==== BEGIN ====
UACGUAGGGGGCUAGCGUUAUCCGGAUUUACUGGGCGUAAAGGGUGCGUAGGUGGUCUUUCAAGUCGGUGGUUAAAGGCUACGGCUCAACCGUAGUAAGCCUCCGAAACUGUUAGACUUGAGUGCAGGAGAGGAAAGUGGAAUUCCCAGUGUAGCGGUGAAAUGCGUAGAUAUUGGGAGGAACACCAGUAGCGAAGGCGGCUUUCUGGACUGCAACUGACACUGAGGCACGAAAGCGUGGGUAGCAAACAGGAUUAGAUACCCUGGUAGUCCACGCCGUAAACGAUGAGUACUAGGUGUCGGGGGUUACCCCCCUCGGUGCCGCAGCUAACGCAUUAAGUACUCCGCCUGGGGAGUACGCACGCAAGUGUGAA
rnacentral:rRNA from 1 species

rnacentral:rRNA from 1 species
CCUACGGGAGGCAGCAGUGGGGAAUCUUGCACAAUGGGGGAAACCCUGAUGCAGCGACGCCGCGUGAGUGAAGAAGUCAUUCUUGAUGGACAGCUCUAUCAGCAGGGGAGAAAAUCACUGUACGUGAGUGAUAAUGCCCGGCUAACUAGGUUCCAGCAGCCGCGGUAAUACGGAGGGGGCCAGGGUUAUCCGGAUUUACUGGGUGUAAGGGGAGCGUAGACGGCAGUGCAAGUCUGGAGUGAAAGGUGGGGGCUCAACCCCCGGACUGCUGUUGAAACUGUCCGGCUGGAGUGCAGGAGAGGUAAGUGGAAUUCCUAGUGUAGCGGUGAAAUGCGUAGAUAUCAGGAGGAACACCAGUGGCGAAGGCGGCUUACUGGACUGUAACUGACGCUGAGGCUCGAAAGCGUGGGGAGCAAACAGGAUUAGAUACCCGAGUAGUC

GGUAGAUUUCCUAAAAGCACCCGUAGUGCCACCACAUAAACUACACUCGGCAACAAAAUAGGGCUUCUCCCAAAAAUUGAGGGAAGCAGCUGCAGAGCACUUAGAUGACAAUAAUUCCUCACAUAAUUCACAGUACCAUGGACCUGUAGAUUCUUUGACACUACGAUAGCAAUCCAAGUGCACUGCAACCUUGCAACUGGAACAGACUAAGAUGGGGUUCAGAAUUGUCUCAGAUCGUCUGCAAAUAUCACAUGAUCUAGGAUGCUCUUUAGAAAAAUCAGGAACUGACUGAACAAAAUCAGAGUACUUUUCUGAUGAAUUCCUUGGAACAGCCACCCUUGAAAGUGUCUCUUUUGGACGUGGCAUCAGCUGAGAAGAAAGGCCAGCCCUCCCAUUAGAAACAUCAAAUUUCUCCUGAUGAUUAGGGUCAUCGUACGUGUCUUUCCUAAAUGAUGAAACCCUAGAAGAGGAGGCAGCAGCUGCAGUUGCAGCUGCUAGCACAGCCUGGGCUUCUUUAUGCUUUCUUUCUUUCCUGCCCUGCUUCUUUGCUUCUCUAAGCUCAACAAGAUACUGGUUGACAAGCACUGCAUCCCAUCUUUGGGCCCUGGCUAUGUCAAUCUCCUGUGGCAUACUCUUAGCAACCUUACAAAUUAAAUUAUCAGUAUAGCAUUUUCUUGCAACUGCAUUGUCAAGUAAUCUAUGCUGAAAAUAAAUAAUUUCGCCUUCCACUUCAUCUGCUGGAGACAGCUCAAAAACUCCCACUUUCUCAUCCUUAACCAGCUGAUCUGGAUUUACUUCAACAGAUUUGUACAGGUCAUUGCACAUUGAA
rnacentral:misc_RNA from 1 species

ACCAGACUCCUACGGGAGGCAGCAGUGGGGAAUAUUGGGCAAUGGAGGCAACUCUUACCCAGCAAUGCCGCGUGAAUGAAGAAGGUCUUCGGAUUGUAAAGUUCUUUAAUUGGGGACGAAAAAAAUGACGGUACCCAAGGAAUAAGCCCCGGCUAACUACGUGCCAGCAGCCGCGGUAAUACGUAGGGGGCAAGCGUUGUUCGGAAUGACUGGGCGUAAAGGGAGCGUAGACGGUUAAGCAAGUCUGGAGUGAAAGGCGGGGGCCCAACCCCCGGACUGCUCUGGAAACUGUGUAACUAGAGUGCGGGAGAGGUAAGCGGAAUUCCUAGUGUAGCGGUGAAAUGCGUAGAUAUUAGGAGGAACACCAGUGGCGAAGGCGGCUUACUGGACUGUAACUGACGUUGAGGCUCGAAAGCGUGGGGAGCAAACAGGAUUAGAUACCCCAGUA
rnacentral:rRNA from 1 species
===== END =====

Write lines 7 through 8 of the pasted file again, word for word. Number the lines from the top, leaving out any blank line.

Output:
ACCAGACUCCUACGGGAGGCAGCAGUGGGGAAUAUUGGGCAAUGGAGGCAACUCUUACCCAGCAAUGCCGCGUGAAUGAAGAAGGUCUUCGGAUUGUAAAGUUCUUUAAUUGGGGACGAAAAAAAUGACGGUACCCAAGGAAUAAGCCCCGGCUAACUACGUGCCAGCAGCCGCGGUAAUACGUAGGGGGCAAGCGUUGUUCGGAAUGACUGGGCGUAAAGGGAGCGUAGACGGUUAAGCAAGUCUGGAGUGAAAGGCGGGGGCCCAACCCCCGGACUGCUCUGGAAACUGUGUAACUAGAGUGCGGGAGAGGUAAGCGGAAUUCCUAGUGUAGCGGUGAAAUGCGUAGAUAUUAGGAGGAACACCAGUGGCGAAGGCGGCUUACUGGACUGUAACUGACGUUGAGGCUCGAAAGCGUGGGGAGCAAACAGGAUUAGAUACCCCAGUA
rnacentral:rRNA from 1 species